Tim G. J. Rudner
Tim G. J. Rudner, New York University
Conventional regularization techniques for neural networks, such as L2 or L1 regularization, explicitly penalize divergence of the model parameters from specific parameter values. However, in most neural network models, specific parameter configurations bear little to no physical meaning, and it is difficult to incorporate domain knowledge or other relevant information into neural network training using conventional regularization techniques.
In this talk, I will show that we can address this shortcoming by using Bayesian principles to effectively incorporate domain knowledge or beliefs about desirable model properties into neural network training. To do so, I will approach regularization in neural networks from a probabilistic perspective and define a family of data-driven prior distributions that allows us to encode useful auxiliary information into the model. I will then show how to perform approximate inference in neural networks with such priors and derive a simple variational optimization objective with a regularizer that reflects the constraints implicitly encoded in the prior. This regularizer is mathematically simple, easy to implement, and can be used as a drop-in replacement for existing regularizers when performing supervised learning in neural networks of any size.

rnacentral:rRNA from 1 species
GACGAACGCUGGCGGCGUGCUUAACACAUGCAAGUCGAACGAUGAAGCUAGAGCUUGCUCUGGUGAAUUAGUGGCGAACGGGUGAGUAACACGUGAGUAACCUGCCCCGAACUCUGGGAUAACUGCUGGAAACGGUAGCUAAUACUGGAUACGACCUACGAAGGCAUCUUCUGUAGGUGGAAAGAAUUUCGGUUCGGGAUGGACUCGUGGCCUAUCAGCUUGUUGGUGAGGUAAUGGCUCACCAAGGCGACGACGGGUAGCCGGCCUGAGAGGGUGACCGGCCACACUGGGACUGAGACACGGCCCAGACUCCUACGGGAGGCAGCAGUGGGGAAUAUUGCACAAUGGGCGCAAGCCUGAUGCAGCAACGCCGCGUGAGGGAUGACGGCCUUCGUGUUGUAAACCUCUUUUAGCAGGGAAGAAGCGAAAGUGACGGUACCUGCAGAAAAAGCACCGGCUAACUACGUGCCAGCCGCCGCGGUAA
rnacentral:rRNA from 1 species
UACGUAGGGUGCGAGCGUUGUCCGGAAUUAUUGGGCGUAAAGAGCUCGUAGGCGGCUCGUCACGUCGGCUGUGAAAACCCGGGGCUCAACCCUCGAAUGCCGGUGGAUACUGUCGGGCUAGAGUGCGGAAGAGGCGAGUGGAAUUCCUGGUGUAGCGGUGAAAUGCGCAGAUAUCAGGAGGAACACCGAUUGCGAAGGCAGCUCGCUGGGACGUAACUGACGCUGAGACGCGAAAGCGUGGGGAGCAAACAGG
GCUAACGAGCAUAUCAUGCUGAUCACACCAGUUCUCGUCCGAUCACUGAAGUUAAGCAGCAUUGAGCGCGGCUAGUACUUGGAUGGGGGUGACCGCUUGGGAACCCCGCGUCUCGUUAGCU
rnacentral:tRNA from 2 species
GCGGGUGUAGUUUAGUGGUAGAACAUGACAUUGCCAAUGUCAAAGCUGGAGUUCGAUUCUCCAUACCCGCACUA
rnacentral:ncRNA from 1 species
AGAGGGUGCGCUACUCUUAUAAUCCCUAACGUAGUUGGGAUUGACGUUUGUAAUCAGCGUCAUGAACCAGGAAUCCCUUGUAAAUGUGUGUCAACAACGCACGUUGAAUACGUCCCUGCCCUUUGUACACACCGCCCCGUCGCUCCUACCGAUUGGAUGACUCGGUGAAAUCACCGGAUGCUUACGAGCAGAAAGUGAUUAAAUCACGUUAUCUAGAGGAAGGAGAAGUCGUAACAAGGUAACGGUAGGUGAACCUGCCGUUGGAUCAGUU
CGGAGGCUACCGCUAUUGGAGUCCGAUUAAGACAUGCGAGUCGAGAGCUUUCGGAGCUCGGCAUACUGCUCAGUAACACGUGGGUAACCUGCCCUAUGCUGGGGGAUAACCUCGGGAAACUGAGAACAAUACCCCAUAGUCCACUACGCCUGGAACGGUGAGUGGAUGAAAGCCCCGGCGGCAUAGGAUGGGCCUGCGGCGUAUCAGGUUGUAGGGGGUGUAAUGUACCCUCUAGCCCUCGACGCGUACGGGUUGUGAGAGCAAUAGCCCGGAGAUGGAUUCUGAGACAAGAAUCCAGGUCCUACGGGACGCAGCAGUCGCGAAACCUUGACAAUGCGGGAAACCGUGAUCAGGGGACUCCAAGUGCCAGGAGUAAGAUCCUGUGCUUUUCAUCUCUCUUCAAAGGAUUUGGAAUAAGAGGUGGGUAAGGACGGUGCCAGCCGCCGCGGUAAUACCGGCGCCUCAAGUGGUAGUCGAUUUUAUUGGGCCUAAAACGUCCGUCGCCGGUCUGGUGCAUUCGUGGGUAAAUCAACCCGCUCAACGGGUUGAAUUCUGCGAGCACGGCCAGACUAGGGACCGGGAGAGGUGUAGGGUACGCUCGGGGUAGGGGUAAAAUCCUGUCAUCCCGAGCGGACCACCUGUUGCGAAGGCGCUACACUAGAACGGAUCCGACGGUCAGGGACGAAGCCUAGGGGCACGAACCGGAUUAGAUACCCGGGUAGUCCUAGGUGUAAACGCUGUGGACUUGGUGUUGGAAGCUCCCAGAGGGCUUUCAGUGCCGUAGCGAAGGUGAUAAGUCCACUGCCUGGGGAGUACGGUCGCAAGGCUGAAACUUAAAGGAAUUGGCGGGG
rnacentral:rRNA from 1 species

I will conclude the talk with an overview of applications of data-driven priors, including distribution shift detection, drug discovery, and medical diagnosis.
This is joint work with Sanyam Kapoor, Shikai Qiu, Xiang Pan, Lily Yucen Li, Ya Shi Zhang, Ravid Shwartz-Ziv, Julia Kempe, and Andrew Gordon Wilson.
Bio: Tim G. J. Rudner is an Assistant Professor and Faculty Fellow at New York University’s Center for Data Science and an AI Fellow at Georgetown University’s Center for Security and Emerging Technology. He conducted PhD research on probabilistic machine learning in the Department of Computer Science at the University of Oxford, where he was advised by Yee Whye Teh and Yarin Gal. The goal of his research is to develop methods and theoretical insights that enable the safe deployment of machine learning systems in safety-critical settings. Tim holds a master’s degree in statistics from the University of Oxford and an undergraduate degree in applied mathematics and economics from Yale University. He is also a Rhodes Scholar and a Qualcomm Innovation Fellow.
3:30pm - Pre-talk meet and greet teatime - 219 Prospect Street, 13 floor, there will be light snacks and beverages in the kitchen area.